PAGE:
European Commission and vaccine manufacturers commit to providing vaccines to developing countries even faster

"It is important that the G20 Health Summit delivered concrete results and that as many people as possible around the world have the chance to be vaccinated," said the health spokesperson of the largest group in the European Parliament (EPP, Christian Democrats), Dr. Peter Liese. "The summit is overshadowed by the question of whether or not vaccine patents should be lifted.

The idea is supported by South Africa, India and recently also by the USA. However, the EU Member States and the European Commission are sceptical. In view of the pictures from India, it is clear that we must help quickly and a waiver of the patent rights must not be a taboo. But it is clear that intellectual property is important to support medical progress. I am convinced that BioNTech's vaccine would probably not exist if, in addition to the EU and federal governments, venture capitalists had not supported the technology and vaccine development in recent years. Moreover, the technology of the mRNA vaccine is so complicated that even if the patent was published, there would not be more vaccine available in the next few months. That is why I support the European Commission's policy.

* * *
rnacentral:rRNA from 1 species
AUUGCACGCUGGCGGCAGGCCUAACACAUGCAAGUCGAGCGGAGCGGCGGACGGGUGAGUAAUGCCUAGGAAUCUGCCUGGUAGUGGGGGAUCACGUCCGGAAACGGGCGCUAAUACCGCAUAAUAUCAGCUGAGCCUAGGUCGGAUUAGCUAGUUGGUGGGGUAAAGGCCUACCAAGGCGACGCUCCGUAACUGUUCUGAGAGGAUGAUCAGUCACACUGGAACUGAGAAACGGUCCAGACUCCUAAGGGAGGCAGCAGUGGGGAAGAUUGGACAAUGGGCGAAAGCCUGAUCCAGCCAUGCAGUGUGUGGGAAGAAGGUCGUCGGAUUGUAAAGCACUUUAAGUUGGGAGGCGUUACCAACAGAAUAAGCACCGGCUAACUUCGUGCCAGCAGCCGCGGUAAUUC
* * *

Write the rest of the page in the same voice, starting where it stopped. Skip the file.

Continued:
EU Commission President Ursula von der Leyen has announced that 100 million vaccine doses will be made available free of charge to the international vaccination programme Covax and to developing and emerging countries. Under pressure from the European Commission, vaccine manufacturers have also agreed to supply 1.3 billion vaccine doses to developing and emerging countries by the end of this year: for the poorest countries only at the manufacturing price, emerging countries at lower prices. For 2022, they have pledged another 1.3 billion doses - many of which will be delivered through COVAX," explained the doctor and CDU MEP.

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